Here I am being greeted by Carson, the Butler, welcoming me to the Downton Abbey Exhibition in West Palm Beach, Florida. Actually I have visited it twice and loved it both times!
Costumes, sets, many REAL objects, all carefully curated to present an interactive experience, makes this exhibition worth more than a second visit to be honest. Much of it is touchable! Below, the radio and the telephone.
On the left, above, checks; and right top, 10 shilling note, below, a one pound note.
If only Maggie Smith had been there to describe this costume for her role as Violet Crawley, Dowager Countess of Grantham...
Or I would have settled for Dan Stevens as Matthew Crawley to tell me about WWI service .
Mrs. Hughes and Mr. Carson holding a meeting in his office?
While Mrs. Patmore and Daisy prepared meals in the kitchen.
The sets reproduced in this exhibition represent the sets from the series as constructed in the UK's Ealing Studios to appear as the rooms might have been years ago at Highclere Castle, the house that stars in the series. Many scenes are set at Highclere itself.
Above and below, Lady Mary Crawley's bedchamber.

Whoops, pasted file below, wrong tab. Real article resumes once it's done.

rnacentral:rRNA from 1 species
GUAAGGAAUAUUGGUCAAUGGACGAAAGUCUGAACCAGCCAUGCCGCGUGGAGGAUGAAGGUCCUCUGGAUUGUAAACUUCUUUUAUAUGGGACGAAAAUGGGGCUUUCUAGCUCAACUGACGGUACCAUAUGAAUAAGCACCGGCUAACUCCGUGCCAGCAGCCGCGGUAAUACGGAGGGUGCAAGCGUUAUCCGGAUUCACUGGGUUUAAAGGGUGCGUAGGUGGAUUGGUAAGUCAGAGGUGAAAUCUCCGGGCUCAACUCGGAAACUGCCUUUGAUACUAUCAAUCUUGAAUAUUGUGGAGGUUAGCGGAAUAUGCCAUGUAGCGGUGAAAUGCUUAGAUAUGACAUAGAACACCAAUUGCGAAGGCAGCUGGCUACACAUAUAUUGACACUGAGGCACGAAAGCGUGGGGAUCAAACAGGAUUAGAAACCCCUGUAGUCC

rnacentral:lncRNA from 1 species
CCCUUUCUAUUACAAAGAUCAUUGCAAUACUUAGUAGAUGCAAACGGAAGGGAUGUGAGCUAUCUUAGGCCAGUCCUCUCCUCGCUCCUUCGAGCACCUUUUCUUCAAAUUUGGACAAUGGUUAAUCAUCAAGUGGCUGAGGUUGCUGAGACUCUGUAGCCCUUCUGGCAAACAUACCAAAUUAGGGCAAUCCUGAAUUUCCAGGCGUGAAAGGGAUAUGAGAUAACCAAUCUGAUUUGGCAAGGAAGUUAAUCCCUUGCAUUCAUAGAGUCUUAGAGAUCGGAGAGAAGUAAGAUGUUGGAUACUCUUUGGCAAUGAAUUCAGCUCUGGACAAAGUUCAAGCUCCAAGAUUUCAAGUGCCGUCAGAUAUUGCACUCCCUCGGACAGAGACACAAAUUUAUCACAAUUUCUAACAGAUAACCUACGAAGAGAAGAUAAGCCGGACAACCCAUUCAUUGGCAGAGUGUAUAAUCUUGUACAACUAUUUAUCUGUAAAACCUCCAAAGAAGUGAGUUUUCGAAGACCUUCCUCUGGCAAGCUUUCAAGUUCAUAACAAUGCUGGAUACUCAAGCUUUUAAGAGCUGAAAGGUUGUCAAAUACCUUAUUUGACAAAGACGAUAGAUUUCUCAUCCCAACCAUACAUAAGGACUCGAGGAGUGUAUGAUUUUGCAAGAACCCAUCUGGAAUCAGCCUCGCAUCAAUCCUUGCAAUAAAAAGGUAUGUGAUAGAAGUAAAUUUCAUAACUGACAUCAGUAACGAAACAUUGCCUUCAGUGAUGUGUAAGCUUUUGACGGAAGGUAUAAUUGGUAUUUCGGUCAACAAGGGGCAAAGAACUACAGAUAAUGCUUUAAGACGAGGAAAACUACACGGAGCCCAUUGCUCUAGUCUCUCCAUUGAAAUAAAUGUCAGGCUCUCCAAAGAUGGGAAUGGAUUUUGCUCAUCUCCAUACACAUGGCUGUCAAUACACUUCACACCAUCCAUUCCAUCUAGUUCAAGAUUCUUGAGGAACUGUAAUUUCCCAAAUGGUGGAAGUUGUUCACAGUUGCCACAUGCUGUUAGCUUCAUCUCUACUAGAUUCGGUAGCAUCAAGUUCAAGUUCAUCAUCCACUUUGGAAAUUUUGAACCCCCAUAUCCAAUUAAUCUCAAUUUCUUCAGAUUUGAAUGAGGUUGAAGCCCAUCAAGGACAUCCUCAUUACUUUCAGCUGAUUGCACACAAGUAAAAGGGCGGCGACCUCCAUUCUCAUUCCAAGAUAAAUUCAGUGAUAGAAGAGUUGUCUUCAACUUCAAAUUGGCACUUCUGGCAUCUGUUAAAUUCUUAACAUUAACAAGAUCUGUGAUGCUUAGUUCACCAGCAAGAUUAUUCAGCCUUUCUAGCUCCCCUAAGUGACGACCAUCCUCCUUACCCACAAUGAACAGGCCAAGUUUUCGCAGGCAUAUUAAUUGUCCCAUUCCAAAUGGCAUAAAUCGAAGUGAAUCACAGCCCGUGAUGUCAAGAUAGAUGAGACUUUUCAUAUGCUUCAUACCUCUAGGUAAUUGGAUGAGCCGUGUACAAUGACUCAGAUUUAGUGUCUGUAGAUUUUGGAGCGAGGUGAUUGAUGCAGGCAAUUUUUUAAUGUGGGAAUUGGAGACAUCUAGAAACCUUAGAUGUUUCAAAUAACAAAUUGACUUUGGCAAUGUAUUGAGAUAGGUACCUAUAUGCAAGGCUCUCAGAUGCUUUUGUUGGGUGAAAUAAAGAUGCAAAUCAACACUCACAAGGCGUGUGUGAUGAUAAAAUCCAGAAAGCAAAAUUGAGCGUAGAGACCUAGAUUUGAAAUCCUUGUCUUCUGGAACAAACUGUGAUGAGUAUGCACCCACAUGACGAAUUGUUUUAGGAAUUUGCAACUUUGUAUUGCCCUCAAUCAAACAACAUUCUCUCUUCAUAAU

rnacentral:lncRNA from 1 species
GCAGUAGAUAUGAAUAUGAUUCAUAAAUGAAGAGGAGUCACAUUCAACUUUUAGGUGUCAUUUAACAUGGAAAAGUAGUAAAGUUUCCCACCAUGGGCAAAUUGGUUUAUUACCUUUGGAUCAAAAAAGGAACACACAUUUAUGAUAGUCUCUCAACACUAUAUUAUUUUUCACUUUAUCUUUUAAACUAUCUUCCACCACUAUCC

Remember to click on the photos to enlarge them. Below, the costumes of Bates and Anna, valet and ladies maid to Lord ad Lady Grantham, in the set or the Servant's Hall.
More views of the Servant's Hall. They not only eat and work here; from time to time they gather around the piano to sing.
Probably most spectacular were the costumes, most accompanied by recorded discussions by the designers who used both period outfits and new creations made of period-accurate materials.
Wedding gowns were frequent and glorious!
I will leave it to fans of the series to sort out which season was which, with the time stretching from 1912 onward. I was far too captivated by the bling to study the labels, so shame on me.
The accessories -- jewelry, gloves and purses, and the hats were equally admirable.
The final scene was the dining room, reproduced from the original in Highclere Castle, but allowing for the cameras to move more freely. The screen behind the table shows the portrait of Charles I that hangs in the Castle one of many versions of the VanDyck painting. The changing screen also illustrated other aspects of the series. Below, an actual photo of the Highclere dining room.
You will never guess how the exhibition ends....the Gift Shop!
Victoria Hinshaw, Author